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Published July 17, 2012, 10:56 AM

S.D. cattle lawsuit closes

After a five-day trial, Dry Run Cattle Co. and Ray Cooper will receive minimal damages from their four-year-old lawsuit against Dan Knoll and Central Livestock Associates Inc.

By: Frannie Sprouls, Forum Communications

MITCHELL, S.D. — After a five-day trial, Dry Run Cattle Co. and Ray Cooper will receive minimal damages from their four-year-old lawsuit against Dan Knoll and Central Livestock Associates Inc.

Dry Run Cattle and Cooper will each receive $9,276 in veterinary-related costs from Knoll, a Davison County jury decided July 16 at the courthouse in Mitchell, S.D.

Attorneys in the case presented their closing arguments to the jury the afternoon of July 16.

Dry Run Cattle Co. — a family-owned cattle feeding operation based in Mount Vernon, S.D. — sought more than $287,000 in damages from Dan Knoll, of Grafton City, Ill., an agent of KLC LLC, and Central Livestock Association Inc., a Minnesota-based company.

Dry Run Cattle claimed Knoll and Central Livestock breached an agreement to raise and sell 1,105 head of drug-free cattle by supplying cattle that were sick.

“A calf delivered with a supplementary immune system is not a healthy calf,” said Carl Koch, of Mitchell, during his closing argument.

Koch represented Travis Hostler, part-owner of Dry Run Cattle, and Ray Cooper, an Iowa resident and investor in Dry Run Cattle.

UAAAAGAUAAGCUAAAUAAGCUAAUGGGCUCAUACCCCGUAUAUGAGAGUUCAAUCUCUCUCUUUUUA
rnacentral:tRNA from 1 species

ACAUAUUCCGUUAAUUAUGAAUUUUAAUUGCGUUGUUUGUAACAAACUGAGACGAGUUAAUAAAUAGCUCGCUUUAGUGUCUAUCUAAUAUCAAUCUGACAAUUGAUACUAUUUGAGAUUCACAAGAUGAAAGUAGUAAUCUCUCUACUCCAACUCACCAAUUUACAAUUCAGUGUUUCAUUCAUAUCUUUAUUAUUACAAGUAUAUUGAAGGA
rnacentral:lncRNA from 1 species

Gary W. Schumacher, of De Smet, S.D., represented Knoll, and Eric DeNure, of Sioux Falls, S.D., represented Central Livestock.

Koch argued that all it takes to say the cattle were drug-free and healthy when delivered was a signature on a piece of paper.

“It’s not any better than what’s advertised on late-night TV,” Koch said. “They advertise anything.”

Schumacher argued the lawsuit had inconsistencies. He criticized Hostler’s records and testimony.

“How do you explain this?” he said. “These were healthy calves that were dropped into a complete mess.”

DeNure said Central Livestock is blameless.

“When our cattle came in, they got infected,” DeNure said. “It’s all on Dry Run and it’s all on Travis Hostler.”

DeNure also argued Central Livestock was not a member of the joint venture but was only an order buyer and broker.

The unanimous verdict was delivered the evening of July 16. The trial began July 10.

Editor’s Note: This article is from Forum Communications, which owns Agweek.

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